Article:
"When it originates to audio protection, the main challenge was the existence of an audio stream multiplexing system within Windows, which allowed several applications to record sound simultaneously. However, this problem was resolved simply with the benefit of our rich kernel-driver structure, which includes a mechanism to control commands between Windows services."
Accessing user's data through microphone has been an old problem for Windows users. While we have seen persons putting a tape on web cams and even headphone to prevent such intrusion, there hadn't been any remarkable software-based solution so far. The subject, however, originated in the attention when Facebook's CEO Mark Zuckerberg in one of his videos was seen having tapes on one of his laptops, suggesting the snooping through web cams and earphones is much more serious problem.
Shortly after the Mark Zuckerberg recording audio incident, whistleblower Edward Snowden had alsosuggested users do the sameas security agencies like NSA and cybercriminals were capable of gaining such access. Back in 2010, a US school wasaccused of spying on a student through webcam. There have been some extra such incidents in the past as well.
India will be among a select group of 13 nations where an updated version of Microsoft's digital personal assistant will roll out later this summer as part of the Windows 10 anniversary update announced by the technology giant.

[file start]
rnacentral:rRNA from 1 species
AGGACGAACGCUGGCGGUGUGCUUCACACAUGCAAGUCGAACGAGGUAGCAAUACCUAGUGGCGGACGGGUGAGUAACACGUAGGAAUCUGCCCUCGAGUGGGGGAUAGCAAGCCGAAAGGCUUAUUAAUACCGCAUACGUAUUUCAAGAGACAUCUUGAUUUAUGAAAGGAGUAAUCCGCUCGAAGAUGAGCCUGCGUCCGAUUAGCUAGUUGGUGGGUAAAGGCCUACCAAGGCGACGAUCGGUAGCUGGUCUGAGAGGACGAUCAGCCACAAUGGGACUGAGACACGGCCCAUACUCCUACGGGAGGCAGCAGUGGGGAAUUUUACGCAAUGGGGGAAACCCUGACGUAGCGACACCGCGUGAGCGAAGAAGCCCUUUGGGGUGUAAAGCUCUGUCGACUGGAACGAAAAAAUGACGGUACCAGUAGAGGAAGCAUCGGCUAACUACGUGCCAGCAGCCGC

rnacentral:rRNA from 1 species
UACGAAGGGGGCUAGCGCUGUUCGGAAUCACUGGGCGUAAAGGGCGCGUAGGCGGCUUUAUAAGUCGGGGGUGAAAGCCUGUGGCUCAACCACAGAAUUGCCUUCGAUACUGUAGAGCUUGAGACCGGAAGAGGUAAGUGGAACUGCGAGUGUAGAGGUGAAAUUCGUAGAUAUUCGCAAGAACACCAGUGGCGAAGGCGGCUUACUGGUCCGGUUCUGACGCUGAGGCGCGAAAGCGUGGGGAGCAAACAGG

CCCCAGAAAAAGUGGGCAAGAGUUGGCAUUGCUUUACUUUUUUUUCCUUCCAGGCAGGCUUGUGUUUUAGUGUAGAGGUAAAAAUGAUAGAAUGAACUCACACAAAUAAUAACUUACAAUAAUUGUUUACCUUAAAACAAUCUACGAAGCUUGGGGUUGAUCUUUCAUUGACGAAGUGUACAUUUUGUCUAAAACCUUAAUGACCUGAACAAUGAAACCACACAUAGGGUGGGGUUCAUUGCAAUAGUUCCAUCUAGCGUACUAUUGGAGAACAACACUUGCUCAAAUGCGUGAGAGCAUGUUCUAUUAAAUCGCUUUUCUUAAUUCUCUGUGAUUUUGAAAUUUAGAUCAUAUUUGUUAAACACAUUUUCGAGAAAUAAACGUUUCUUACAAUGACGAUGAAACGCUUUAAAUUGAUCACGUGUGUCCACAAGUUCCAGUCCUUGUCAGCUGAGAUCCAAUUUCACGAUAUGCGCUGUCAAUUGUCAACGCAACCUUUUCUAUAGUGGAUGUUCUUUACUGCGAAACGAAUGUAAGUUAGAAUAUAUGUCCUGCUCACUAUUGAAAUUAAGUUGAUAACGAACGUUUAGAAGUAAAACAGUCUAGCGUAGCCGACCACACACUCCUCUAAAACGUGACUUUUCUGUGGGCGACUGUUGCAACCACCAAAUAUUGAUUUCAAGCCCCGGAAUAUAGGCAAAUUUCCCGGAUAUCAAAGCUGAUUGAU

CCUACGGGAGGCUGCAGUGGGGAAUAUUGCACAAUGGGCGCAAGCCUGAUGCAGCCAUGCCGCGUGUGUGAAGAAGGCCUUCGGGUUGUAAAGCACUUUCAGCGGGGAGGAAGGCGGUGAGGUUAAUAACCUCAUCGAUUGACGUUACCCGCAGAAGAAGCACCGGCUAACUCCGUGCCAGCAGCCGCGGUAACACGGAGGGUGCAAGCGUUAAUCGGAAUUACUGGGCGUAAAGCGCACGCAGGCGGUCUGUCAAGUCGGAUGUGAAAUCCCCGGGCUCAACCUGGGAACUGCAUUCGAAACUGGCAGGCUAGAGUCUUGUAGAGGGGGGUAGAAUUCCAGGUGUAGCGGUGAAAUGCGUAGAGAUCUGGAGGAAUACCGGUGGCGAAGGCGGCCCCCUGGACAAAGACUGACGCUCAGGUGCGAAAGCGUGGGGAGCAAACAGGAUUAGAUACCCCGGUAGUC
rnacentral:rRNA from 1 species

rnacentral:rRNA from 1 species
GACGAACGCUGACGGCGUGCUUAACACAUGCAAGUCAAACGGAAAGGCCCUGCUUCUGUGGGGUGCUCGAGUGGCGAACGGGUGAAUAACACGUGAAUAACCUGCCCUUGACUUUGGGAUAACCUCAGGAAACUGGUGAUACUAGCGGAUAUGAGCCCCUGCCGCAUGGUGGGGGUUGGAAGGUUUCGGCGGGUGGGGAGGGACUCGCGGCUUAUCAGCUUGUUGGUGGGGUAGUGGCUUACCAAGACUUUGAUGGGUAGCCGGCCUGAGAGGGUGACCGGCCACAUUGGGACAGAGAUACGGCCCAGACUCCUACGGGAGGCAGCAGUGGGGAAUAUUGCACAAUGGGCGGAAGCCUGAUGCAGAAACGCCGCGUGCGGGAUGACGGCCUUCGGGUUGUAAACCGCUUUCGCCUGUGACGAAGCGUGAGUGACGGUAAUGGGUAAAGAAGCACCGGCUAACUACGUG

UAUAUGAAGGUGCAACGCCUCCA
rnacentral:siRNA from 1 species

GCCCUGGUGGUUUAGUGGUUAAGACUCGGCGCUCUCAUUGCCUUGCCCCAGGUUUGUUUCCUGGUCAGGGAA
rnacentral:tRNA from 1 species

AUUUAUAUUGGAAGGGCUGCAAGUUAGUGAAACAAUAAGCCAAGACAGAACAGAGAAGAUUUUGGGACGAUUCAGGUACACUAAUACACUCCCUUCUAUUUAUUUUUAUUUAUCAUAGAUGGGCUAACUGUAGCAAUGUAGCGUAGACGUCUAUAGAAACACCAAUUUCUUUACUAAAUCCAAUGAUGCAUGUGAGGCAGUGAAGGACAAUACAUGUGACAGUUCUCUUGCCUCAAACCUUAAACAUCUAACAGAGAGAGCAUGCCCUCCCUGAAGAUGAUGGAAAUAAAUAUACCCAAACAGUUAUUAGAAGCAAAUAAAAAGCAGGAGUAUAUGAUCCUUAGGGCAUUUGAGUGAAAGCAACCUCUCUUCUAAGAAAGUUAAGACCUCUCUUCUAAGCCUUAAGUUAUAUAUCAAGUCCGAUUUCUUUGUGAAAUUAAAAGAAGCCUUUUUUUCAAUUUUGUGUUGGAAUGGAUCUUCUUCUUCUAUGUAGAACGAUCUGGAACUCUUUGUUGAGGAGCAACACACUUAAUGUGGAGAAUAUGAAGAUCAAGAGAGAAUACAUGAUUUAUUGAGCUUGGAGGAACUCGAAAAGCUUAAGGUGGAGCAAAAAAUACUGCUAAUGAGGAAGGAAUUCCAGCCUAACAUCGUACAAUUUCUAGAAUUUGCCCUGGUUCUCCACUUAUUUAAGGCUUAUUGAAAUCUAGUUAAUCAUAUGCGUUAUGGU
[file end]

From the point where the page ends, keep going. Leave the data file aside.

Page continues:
Apart from India, the other countries where the Windows 10 Anniversary Update will be available include the US, the UK, China, France, Italy, Germany, Spain, Mexico and Brazil, Cortana's group programme manager Marcus Ash said during a session on the sidelines of the ongoing annual developers' conference 'Build 2016' here.
Ash told that the update will be available for both phone and personal computers and Microsoft is focussed on "getting it right" for its "most important countries", particularly India, China and Japan.
Ash said Cortana is an English product right now in India but given the different regional languages and dialects in the country, Microsoft is starting to think about how to expand it to the other languages.